Sunday, January 22, 2012

Nigeria for LDS teens, 1985-88

There were a number of new articles in the various magazines of the Church of Jesus Christ of Latter-day Saints about the growth of the Church in Nigeria and Ghana during the early 1980s when it was still brand new. Things quieted down in the middle of the decade. By 1988, however, the Church was getting ready to announce the formation of the first stake in Nigeria and we saw several new articles and more attention given to Nigeria. Here are a few excerpts from a few articles in the Church's teen magazine, The New Era.

Elder Cuthbert - Member of the Seventy in charge of overseeing the Church's missions in Africa - spoke to a group of young single adults in Feb 1986. His remarks about fulfilling our spiritual needs were reprinted in The New Era in Sept 1987. In it, he shares a few experiences from his time in Nigeria:
I think of the faithful Saints in West Africa who prayed and petitioned five, ten, fifteen years, for the fullness of the restored gospel to be taken to their land. Answers to prayer are not in man’s time, but in God’s time. Patience, faith, humble submission, are finally rewarded. ...
I received the assignment to dedicate four small meetinghouses in Nigeria. I had seen them under construction—simple, functional, but beautiful—gleaming white against the brilliant greens of the tropical rain forest. The local Saints had helped when they could, and the sisters deserve special mention for carrying water on their heads for two or three miles to the building sites.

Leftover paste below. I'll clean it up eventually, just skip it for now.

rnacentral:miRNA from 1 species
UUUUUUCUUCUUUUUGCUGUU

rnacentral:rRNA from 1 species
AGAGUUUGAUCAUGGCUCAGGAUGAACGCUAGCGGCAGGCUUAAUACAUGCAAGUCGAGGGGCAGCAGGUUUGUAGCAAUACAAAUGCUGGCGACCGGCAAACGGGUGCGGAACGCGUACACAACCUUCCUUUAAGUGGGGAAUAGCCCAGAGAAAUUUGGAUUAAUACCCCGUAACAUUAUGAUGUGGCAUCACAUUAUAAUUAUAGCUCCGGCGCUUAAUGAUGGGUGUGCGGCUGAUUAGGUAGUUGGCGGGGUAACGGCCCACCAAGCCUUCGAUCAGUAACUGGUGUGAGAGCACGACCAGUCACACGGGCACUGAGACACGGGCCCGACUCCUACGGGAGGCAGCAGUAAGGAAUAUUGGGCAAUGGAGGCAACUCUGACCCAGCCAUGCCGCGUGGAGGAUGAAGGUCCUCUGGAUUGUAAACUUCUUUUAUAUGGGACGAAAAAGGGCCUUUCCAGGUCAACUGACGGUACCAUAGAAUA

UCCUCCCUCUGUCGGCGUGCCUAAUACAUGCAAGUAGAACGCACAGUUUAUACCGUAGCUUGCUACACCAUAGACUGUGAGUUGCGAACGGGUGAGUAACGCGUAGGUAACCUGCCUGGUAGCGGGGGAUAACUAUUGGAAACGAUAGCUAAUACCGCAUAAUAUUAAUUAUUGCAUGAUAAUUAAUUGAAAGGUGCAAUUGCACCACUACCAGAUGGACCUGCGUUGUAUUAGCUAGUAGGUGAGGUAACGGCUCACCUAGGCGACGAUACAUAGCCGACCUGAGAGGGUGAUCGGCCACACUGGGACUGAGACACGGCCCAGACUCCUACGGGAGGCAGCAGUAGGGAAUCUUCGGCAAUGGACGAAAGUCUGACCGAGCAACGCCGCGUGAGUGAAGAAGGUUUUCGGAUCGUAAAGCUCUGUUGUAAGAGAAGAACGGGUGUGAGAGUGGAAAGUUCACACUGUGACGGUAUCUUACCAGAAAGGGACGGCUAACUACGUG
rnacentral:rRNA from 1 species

In each new chapel, as we took our places on the stand, we paused to shake hands with the local chiefs who had been invited to attend and to occupy the front seats. They were dignified in their robes, each carrying a chief’s cane. The head chief at each chapel graciously accepted the invitation to address the congregation. Of course, they used different words, but they expressed the same powerful sentiments: “You are the light of this community. You have brought us the true gospel. Thank you for coming.” Did not the Savior exhort us, “Let your light so shine before men, that they may see your good works, and glorify your Father which is in heaven” (Matt. 5:16)? Oh, that we might all be a light to our respective communities! ...
I have a tape-recorded message from the Saints in Ghana, West Africa, which is very special to me. Branch President Ato Dadson says, “The Mormon Church is one big family and came to our aid in these critical times. When my members came around for me to distribute the goods, a lot of them shed tears. They couldn’t believe it. Neither could I myself. I discovered that, in the Lord’s true Church, all things are possible.
Mar 1988 New Era - Mary Ellen Edmunds - a nurse, a member of the General Relief Society Board (the Church's organization for women), and in 1984-1985 director of Thrasher International Program for Children in Nigeria:
For a short few months of my life I lived in western Africa, in Nigeria. In our branch was a precious little child I called “Broomstick.” She was 7 years old and weighed only 23 pounds. Often as I would enter our rented chapel, she’d be sitting on the back bench. I loved to pick her up and take her to the front with me and hold her during the meetings. It was as if she would soak up all the love that I had in me, and more. But it was always replaced and increased.
In May 1988, Elder Robert E. Sackley was called to be a member of the Seventy. He had been serving as the president of the Lagos Nigeria Mission at the time. He was also the first Australian called to be a General Authority.

More LDS in Nigeria.